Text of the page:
GK 506 • First-Year Greek I
9:00 AM-10:00 AM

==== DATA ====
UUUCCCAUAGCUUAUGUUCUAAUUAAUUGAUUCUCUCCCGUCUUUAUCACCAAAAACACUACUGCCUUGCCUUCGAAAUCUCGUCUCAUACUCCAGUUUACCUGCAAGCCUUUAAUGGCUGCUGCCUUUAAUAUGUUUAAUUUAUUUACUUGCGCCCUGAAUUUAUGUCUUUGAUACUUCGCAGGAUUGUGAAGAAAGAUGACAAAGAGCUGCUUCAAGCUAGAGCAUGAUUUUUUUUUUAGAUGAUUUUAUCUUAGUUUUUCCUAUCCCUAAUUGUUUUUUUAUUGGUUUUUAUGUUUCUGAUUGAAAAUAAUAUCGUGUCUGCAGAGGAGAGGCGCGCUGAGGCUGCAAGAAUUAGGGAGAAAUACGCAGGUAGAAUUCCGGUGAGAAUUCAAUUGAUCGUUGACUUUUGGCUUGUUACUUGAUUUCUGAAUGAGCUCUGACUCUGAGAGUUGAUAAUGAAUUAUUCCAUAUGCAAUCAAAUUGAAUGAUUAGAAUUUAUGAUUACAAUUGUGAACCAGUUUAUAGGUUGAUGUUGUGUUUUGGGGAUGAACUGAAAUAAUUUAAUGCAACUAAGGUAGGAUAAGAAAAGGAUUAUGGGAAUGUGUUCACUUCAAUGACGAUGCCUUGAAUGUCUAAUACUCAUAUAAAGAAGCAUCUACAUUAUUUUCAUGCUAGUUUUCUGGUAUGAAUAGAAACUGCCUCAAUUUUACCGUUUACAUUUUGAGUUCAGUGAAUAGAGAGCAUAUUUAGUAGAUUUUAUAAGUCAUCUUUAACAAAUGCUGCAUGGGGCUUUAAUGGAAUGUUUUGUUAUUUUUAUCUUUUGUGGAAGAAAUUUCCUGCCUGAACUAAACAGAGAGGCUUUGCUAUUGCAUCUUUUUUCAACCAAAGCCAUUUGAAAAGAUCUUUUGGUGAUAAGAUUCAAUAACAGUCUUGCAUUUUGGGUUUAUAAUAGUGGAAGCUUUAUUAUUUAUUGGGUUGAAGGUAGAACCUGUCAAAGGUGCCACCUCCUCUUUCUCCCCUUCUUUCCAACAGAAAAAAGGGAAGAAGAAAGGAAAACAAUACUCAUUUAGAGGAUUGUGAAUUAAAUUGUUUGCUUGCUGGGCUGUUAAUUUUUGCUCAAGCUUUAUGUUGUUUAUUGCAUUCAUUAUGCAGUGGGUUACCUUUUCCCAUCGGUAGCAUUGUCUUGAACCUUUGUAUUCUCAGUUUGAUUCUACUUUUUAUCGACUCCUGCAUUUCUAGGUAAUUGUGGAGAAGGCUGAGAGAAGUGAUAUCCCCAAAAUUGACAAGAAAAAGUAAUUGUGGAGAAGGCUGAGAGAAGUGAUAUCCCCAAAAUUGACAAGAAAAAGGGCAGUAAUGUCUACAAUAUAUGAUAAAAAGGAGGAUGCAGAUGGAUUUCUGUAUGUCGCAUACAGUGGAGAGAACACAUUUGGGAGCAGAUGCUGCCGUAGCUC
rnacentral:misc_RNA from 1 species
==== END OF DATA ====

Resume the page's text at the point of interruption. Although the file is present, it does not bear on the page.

Learning Classical Greek will enable you to read directly the recorded thoughts of the earliest western philosophers, playwrights, comedians, orators, poets, politicians, and even the records of economic managers and private citizens from the 14th century B.C. onward. Classical Greek is also the basis for Biblical Greek, so this course will prepare you to read the Greek versions of the Old and New Testament. The textbook contains selected texts from the New Testament and a broad range of Classical authors. It is impossible to learn a subtle, flexible and beautiful language like Greek without regular, attentive work. I know by experience that it is impossible to learn a language by cramming, since each day's work builds toward the next. Therefore, daily attendance is a must. There will be short, but important assignments on an average of 3-4 nights a week to be handed in the following day. These will be concentrate on forms, grammar and vocabulary and will be graded carefully. This work will help you to master the fundamentals and will allow me to see how each one of you is progressing. There will also be periodic quizzes (longer and shorter) as we reach appropriate review points during the semester. These I shall try to announce at least 2 days in advance. It should be obvious that learning of a language is cumulative, so that while quizzes and homework assignments will generally focus on the material at hand, these and the examinations will require that you have learned and retained material covered previously. Our aim is to be able to read simple straightforward passages of Greek by the end of thesemester. Crosby and Schaeffer, An Introduction to Greek + a handout booklet.